According to the attorney, to justify opening a case, the investigator calls Dmitry “an adherent of the ideology of radical Ukrainian nationalism and Russophobia.” In a petition to dismiss the criminal case, the lawyer writes that back in January 2017, Dmitry Lisovets “voluntarily left the Ukrainian Volunteer Army”, and during the filtration and numerous interrogations by the FSB “told authorities frankly about participating in the Ukrainian Volunteer Army.” The attorney notes that a person who comes forward with a confession about participation in an organisation of this kind is automatically relieved of criminal liability.
At each interrogation, Lisovets said that he had served in the army, because he is a patriot of Ukraine, the lawyer emphasises, and not only has he never been a member of the Right Sector, but in principle, he does not support the “ideas of nationalism and Russophobia.” When, during one of the interrogations, Dmitry was asked if he needed an interpreter, he was surprised: “Why? Russian is my native language.”
“And now a person who has been speaking Russian his whole life is accused of Russophobia,” the lawyer Kreshchenetsky says indignantly. “His mother is still in ‘liberated’ Mariupol. From what has it been liberated? From water, heat and gas, probably.”
Dmitry Lisovets’ parents still live in Mariupol. They hoped that through Russia their son would be able to leave for “somewhere in Europe.” In any case, Dmitry had told them about his plans, promising to pick up his parents from Mariupol as soon as he settled in a new place. “He is our only son. If he had settled somewhere, we would have rushed to him wherever. But not to Russia, of course,” says his mother. “Never again to Russia.”
According to her, Dmitry signed a contract for military service in 2020 because he was always looking for work. Recently, he’s been switched jobs: “I worked as a freight forwarder and went to sea. When the season at sea ended, I went to a car wash, but they hardly paid anything. Then I went to work at a food distribution centre, packing seeds, seedlings and fertilisers for sale.” His aunt Anna Krotova adds that in the last months before the war, Dmitry was often sick, he had pneumonia.
A few days after the son’s departure, Russian military personnel came to his parents’ home in Mariupol. “Three people came to us, poking around in their underwear. But they searched everyone, even 90-year-old pensioners,” says Dmitry’s mother. “They were looking for weapons, ammunition.”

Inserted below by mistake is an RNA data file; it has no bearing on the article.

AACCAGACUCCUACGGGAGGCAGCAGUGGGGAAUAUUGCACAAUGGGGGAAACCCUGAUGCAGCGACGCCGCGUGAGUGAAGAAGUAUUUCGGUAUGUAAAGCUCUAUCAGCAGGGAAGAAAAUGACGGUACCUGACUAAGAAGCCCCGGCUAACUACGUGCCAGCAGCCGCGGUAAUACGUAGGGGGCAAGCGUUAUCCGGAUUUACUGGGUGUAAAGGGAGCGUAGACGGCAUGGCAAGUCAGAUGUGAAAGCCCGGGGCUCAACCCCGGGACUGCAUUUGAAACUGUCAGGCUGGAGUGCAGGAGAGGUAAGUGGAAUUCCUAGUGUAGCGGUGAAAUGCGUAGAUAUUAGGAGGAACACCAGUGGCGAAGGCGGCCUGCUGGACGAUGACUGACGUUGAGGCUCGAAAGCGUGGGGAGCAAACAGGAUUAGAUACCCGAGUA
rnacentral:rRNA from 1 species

The parents did not have weapons at home, but the military personnel found photographs of Dmitry in military uniform. The mother says that the pictures “interested and worried” them:
“It’s your son? Where is he now?”
“He’s not here.”
“Well, you tell him that he’s very lucky.”
After his detention in April, none of his relatives has seen Dmitry or exchanged words with him. Dates or calls are out of the question, relatives do not know how to write letters to the SIZO and are afraid to do so.
In early November, lawyer Kreshchenetsky filed a motion to dismiss the criminal case. He tried to convince the investigators that there was no corpus delicti, proof that the crime was even committed. The investigator refused the petition, completed the investigation and referred the case for review by the prosecutor’s office. The prosecutor unexpectedly returned the case for revision to the investigator: “We understand everything about the courts in Russia now. We are just waiting for the charges to be approved and the case go to court, and this will definitely happen.”
The case will most likely be considered by the Southern District Military Court in Rostov-on-Don.
Dmitry’s mother still hopes that her son will soon be released: “Maybe he will, at least, be exchanged? Or they will send him to Ukraine? I want to hope for the best, maybe in vain, but I can’t think that I won’t see my son again.”
Editor: Egor Skovoroda